One of my most stressful events ever? This Saturday, I jumped out of a perfectly functional little airplane. My jump was very successful: I was well-balanced during freefall and I made a soft landing with the parachute. I’m proud of my achievement. The point I want to make today: I deliberately made that happen, by the way I prepared. You can do it too, no matter how stressful a challenge is coming up.
How? Two parts.
Part 1 – The learning
The whole morning and a part of the afternoon was instructions. How the equipment works, how to release your parachute and open your reserve. Distinguishing a problem you can correct from one that requires the reserve. And so on… A lot of information, especially since you couldn’t try these things out for obvious reasons. It was dry, theoretical.
What did I do? Everything I could come up with! Every movement shown, I repeated 10 times, not just in my mind but with my hands. I imagined the actual situation as clearly as I could. I asked loads of questions. For example, when the instructor said “regularly look at your altimeter”, I asked “is that more or less every 5 seconds or every minute or…?” That was one of the more stupid questions, but it came up for a good reason: I was subconsciously trying to figure out how fast time runs during the jump. And you know what? I didn’t give a damn if my questions were stupid. It was good for the learning process, not just mine but everyone else’s too.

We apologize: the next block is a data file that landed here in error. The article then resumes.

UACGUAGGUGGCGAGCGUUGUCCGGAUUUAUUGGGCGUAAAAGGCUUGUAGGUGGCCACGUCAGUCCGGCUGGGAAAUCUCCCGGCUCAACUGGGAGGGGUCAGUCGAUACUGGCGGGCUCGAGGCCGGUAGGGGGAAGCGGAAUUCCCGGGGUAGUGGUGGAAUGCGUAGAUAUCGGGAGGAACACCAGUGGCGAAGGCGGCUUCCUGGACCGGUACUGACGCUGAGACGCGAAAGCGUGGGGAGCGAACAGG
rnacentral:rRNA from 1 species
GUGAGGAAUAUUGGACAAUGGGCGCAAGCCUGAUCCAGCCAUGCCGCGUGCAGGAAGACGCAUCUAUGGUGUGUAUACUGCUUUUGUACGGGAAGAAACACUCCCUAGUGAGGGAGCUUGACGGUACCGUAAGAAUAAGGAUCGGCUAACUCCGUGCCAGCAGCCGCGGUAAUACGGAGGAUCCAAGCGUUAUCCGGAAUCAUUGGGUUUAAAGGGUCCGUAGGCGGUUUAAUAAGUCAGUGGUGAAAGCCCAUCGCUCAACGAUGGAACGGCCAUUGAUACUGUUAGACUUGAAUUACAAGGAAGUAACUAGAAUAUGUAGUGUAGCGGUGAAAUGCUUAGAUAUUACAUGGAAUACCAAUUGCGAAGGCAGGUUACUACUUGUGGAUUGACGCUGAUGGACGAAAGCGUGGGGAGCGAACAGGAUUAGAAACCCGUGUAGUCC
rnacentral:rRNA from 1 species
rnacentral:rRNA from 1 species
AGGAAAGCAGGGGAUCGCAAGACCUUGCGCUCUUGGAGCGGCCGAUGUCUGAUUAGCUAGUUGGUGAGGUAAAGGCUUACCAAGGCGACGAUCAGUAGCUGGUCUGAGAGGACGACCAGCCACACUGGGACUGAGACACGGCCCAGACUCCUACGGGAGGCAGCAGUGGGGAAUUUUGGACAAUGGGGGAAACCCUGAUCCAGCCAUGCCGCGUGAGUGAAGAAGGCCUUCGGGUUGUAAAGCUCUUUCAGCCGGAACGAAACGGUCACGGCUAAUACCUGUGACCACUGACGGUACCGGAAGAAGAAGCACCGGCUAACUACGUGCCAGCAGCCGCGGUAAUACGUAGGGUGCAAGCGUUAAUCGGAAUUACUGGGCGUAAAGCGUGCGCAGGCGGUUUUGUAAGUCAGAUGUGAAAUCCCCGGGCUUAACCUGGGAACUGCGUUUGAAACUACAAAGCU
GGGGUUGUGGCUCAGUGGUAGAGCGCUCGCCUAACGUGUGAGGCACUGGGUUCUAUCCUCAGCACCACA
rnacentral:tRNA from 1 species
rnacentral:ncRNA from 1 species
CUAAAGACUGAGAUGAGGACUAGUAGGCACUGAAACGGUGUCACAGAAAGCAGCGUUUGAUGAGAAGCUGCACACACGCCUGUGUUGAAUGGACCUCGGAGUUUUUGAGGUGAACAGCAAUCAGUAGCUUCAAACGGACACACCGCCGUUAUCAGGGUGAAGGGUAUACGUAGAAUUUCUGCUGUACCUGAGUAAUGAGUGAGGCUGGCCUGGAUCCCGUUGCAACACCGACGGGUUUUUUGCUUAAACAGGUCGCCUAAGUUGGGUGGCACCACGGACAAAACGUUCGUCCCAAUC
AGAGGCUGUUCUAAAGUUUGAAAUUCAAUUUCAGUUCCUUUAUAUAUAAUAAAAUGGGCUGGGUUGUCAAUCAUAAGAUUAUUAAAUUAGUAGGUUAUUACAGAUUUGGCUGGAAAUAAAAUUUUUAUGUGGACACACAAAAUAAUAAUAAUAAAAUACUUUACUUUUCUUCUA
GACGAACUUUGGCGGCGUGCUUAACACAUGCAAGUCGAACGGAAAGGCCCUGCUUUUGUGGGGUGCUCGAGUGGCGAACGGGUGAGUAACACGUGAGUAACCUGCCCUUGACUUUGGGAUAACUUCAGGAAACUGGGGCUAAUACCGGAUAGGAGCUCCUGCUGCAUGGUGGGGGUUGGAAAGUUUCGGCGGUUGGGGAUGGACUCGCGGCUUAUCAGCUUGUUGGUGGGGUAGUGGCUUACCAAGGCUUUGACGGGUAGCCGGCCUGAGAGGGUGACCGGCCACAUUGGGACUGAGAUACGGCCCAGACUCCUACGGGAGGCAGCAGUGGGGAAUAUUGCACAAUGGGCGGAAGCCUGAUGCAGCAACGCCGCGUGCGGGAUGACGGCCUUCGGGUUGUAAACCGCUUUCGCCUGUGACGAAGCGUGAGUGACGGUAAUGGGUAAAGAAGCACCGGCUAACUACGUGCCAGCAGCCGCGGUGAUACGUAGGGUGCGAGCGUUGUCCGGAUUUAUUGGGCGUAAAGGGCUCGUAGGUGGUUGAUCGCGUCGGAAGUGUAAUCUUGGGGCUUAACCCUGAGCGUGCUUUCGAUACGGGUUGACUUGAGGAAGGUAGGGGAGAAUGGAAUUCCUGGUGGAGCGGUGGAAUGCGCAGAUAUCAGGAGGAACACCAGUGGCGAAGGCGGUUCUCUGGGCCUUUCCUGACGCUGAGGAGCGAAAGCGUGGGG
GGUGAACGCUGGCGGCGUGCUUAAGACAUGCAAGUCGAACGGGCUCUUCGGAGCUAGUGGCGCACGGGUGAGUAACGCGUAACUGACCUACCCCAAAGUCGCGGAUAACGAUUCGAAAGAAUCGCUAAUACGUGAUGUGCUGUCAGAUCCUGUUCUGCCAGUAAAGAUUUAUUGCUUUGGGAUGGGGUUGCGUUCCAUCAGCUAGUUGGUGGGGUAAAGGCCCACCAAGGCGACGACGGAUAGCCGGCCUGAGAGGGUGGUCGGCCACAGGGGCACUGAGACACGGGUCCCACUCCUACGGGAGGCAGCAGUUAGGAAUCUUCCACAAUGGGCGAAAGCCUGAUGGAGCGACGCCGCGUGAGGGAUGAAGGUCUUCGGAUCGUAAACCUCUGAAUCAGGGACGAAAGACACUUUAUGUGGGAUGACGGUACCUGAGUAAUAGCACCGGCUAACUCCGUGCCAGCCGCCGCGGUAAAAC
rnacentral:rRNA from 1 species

My advice: when in a course, ask and imagine. Ask a lot of questions, imagine the situation. Don’t give a damn about the impression you make. Be a pain in the instructor’s back if you must, but… always on the topic. Only on the topic.
Part 2 is for my next post. Take care!